Netflix's "Never Have I Ever": Maitreyi Ramakrishnan Talks Season Two And What To Be Excited About
Coming-of-age teen comedy hit, Never Have I Ever is back for a second season. The Netflix series was viewed by 40 million households since its release and has been a watershed moment for South Asian representation on screen.
This season, we follow Indian American teenager Devi (Maitreyi Ramakrishnan), as she continues to deal with the everyday pressures of high school and drama at home while also navigating uncharted waters in the love department.
Ahead of the second season, Tatler sits down with breakout star Maitreyi to share what she's excited about, who she has the best chemistry with and how much she relates to her role as Devi.
Can you tell us more about season two, what you're excited about and what should the audience be excited about?
There's a lot that happens in season two—a lot that I can't possibly say all in one sentence. But I will say, it's all the drama and comedy that you loved about season one but to the exponent of 10.
I'm so excited for the fans to see the characters that fans already know, meet these new characters that we don't know and see how that shows different sides and personalities to the audience. We've got Aneesa (Megan Suri) boiling Devi, we got Malcolm (Tyler Alvarez) with all the other kids and we also got Dr Jackson. With Devi's mom, we got the rival dermatologist [Dr Chris Jackson, played by Common].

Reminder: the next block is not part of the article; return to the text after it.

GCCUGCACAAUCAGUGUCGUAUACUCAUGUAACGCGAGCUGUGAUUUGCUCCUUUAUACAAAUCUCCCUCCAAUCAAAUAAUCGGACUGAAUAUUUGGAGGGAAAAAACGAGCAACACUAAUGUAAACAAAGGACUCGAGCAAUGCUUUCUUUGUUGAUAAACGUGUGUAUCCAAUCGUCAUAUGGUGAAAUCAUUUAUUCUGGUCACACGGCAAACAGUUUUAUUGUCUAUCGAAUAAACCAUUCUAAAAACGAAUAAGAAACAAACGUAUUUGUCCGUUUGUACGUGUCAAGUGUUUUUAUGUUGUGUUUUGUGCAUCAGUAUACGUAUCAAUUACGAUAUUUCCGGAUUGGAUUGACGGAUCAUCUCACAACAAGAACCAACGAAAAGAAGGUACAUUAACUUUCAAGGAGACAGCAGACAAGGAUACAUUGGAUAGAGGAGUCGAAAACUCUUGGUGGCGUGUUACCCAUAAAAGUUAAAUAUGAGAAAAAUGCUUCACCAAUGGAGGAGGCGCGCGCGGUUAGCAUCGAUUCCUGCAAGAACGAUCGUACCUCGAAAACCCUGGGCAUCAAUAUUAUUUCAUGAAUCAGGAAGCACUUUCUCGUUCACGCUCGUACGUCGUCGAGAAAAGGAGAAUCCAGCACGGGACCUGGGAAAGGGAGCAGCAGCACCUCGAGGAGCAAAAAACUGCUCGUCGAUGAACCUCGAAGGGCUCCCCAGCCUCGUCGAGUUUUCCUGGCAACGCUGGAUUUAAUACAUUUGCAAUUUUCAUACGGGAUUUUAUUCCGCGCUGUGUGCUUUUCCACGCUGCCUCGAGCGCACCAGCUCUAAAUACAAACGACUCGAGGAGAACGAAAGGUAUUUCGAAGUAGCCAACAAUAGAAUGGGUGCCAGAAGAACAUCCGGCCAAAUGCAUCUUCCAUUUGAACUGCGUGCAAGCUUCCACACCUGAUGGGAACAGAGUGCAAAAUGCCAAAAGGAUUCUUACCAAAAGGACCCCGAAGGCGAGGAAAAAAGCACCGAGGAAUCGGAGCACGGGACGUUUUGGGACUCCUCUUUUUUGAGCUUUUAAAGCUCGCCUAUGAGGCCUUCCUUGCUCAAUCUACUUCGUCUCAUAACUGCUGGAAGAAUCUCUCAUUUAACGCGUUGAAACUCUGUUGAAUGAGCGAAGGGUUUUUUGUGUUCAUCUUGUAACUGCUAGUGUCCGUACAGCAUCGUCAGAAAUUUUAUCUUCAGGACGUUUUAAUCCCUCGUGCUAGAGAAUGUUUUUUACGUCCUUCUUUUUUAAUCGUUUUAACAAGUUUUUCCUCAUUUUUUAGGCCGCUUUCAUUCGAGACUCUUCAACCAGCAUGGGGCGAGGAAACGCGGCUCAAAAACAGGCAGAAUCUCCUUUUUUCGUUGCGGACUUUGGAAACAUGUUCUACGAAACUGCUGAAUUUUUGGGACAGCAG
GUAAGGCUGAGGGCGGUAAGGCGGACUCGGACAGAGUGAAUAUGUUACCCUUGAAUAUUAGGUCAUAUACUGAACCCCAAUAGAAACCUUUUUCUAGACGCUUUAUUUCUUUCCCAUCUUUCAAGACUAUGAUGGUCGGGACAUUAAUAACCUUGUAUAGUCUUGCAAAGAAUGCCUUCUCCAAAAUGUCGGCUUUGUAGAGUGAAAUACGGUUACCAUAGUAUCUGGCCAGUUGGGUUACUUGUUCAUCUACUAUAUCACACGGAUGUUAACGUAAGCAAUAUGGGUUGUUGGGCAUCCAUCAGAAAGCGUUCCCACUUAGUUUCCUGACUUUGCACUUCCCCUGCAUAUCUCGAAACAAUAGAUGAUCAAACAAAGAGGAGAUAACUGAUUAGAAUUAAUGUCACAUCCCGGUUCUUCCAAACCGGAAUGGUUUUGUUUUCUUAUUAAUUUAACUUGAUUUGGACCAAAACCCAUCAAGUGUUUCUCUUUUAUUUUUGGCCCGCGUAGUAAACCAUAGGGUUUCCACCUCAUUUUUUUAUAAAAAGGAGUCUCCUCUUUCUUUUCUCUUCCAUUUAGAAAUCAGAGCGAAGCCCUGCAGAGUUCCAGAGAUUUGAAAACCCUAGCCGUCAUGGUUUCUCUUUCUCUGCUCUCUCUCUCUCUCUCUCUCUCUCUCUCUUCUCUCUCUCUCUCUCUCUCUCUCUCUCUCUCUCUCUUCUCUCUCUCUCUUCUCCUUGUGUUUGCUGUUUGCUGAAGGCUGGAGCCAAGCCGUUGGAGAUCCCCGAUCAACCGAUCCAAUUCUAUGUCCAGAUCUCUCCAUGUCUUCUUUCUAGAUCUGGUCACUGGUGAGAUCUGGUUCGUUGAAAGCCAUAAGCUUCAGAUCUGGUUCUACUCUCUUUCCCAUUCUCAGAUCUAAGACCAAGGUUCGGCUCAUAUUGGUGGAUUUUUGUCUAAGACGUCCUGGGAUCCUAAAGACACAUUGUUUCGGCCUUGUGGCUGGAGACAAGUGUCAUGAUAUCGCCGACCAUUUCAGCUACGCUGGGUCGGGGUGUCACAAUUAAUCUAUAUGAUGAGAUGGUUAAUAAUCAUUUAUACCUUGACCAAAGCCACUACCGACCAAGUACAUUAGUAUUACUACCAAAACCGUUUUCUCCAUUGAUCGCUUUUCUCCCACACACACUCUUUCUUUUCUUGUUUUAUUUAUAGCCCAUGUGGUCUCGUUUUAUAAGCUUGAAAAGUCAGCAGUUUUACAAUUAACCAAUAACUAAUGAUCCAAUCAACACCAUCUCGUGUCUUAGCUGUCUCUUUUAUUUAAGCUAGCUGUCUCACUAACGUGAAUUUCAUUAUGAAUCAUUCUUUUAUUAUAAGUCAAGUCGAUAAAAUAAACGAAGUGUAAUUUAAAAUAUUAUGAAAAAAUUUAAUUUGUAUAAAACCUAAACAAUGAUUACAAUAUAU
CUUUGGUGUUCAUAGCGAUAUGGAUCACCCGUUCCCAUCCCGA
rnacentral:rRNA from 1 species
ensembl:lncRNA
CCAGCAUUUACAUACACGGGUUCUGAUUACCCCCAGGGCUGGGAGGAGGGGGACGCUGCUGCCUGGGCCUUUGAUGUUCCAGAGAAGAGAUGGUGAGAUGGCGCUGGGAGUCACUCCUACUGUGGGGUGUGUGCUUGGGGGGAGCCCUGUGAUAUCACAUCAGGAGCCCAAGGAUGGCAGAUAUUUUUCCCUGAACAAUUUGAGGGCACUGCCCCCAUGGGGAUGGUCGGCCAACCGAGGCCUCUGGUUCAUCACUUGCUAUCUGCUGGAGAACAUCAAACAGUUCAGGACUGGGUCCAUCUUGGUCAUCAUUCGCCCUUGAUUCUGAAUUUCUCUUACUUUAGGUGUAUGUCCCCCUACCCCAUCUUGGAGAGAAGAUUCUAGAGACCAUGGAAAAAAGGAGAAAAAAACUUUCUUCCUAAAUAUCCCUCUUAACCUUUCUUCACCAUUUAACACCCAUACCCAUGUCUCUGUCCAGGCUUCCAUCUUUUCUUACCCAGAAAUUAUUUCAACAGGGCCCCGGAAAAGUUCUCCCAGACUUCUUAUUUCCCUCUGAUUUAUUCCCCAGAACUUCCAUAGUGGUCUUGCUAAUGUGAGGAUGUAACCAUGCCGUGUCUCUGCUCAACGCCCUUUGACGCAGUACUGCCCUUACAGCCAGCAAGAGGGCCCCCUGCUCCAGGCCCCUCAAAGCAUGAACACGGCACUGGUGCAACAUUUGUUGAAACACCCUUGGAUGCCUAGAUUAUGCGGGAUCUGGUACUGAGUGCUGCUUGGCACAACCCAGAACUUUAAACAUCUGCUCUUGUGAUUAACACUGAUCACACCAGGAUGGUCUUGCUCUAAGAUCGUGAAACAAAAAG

Which cast member do you have the best chemistry with?
If I say any one of them, I think the rest are going to stab me. I guarantee you that the person I pick will not save me. But I truly do love working with all of them because they all give me something different which is really nice—whether it's a scene with Darren [Barnett] and myself where we're supposed to be like, "Oh my god, will-they-won't-they tension" and we just have such a fun time joking around. Or when it's Jaren [Lewison] and myself where Ben and Devi would rival it out, we'd have fun with that.
But if I have to give you an answer since I won't cop out of this and say all of them are my favourite kids then I have to say, I truly do love doing scenes with Ramona [Young] and Lee [Rodriguez]—who plays Eleanor and Fabiola—because we're not acting like friends. A lot of people when you meet them, as an actor or fellow cast member, it's like, "yeah, you guys play as best friends!" You have to act as if you've known each other for years but with these two, I feel like I've known these guys for years and we have such a ball, it's such a great time.
Speaking of Fabiola and Eleanor, will we get to see more friendship moments between the three of you or see more of their own storylines that we've seen hints of in the past season?
Yes, I can talk about this for so long! You will a lot more of the UN (United Nations), the good ol' trio. I'm really passionate about the whole friendship because we rarely ever see female friendships that are positive, especially young female friendships. That's one of my favourite things that we get to show our audience, especially the younger audience because it's so important.